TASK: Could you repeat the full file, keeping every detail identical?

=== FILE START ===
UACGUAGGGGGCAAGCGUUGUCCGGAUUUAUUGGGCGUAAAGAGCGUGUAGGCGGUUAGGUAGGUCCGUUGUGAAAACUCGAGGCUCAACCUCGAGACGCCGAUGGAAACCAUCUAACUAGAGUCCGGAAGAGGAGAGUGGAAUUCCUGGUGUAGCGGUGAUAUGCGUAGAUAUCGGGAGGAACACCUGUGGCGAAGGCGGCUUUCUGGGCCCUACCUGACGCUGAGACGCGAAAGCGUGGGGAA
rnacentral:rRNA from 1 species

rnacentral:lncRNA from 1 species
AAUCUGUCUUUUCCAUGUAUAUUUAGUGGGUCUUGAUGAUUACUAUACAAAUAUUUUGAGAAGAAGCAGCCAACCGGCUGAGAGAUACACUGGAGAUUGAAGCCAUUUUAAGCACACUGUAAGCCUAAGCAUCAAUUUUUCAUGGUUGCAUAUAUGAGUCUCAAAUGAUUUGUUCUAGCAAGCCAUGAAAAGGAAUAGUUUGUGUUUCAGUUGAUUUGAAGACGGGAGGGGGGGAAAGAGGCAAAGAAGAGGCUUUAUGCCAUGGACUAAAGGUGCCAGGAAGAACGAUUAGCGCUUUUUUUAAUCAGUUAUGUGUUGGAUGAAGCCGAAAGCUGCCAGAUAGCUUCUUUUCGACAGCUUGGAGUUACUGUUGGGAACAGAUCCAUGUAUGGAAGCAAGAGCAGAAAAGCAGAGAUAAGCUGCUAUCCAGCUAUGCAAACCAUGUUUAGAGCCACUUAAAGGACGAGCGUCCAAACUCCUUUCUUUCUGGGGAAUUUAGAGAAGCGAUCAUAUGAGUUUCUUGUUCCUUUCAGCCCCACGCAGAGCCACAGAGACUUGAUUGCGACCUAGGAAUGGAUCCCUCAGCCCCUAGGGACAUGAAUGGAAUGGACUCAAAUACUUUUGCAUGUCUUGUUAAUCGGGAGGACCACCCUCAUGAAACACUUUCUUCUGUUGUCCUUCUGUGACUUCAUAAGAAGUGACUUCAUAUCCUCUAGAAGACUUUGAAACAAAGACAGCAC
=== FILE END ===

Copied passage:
UACGUAGGGGGCAAGCGUUGUCCGGAUUUAUUGGGCGUAAAGAGCGUGUAGGCGGUUAGGUAGGUCCGUUGUGAAAACUCGAGGCUCAACCUCGAGACGCCGAUGGAAACCAUCUAACUAGAGUCCGGAAGAGGAGAGUGGAAUUCCUGGUGUAGCGGUGAUAUGCGUAGAUAUCGGGAGGAACACCUGUGGCGAAGGCGGCUUUCUGGGCCCUACCUGACGCUGAGACGCGAAAGCGUGGGGAA
rnacentral:rRNA from 1 species

rnacentral:lncRNA from 1 species
AAUCUGUCUUUUCCAUGUAUAUUUAGUGGGUCUUGAUGAUUACUAUACAAAUAUUUUGAGAAGAAGCAGCCAACCGGCUGAGAGAUACACUGGAGAUUGAAGCCAUUUUAAGCACACUGUAAGCCUAAGCAUCAAUUUUUCAUGGUUGCAUAUAUGAGUCUCAAAUGAUUUGUUCUAGCAAGCCAUGAAAAGGAAUAGUUUGUGUUUCAGUUGAUUUGAAGACGGGAGGGGGGGAAAGAGGCAAAGAAGAGGCUUUAUGCCAUGGACUAAAGGUGCCAGGAAGAACGAUUAGCGCUUUUUUUAAUCAGUUAUGUGUUGGAUGAAGCCGAAAGCUGCCAGAUAGCUUCUUUUCGACAGCUUGGAGUUACUGUUGGGAACAGAUCCAUGUAUGGAAGCAAGAGCAGAAAAGCAGAGAUAAGCUGCUAUCCAGCUAUGCAAACCAUGUUUAGAGCCACUUAAAGGACGAGCGUCCAAACUCCUUUCUUUCUGGGGAAUUUAGAGAAGCGAUCAUAUGAGUUUCUUGUUCCUUUCAGCCCCACGCAGAGCCACAGAGACUUGAUUGCGACCUAGGAAUGGAUCCCUCAGCCCCUAGGGACAUGAAUGGAAUGGACUCAAAUACUUUUGCAUGUCUUGUUAAUCGGGAGGACCACCCUCAUGAAACACUUUCUUCUGUUGUCCUUCUGUGACUUCAUAAGAAGUGACUUCAUAUCCUCUAGAAGACUUUGAAACAAAGACAGCAC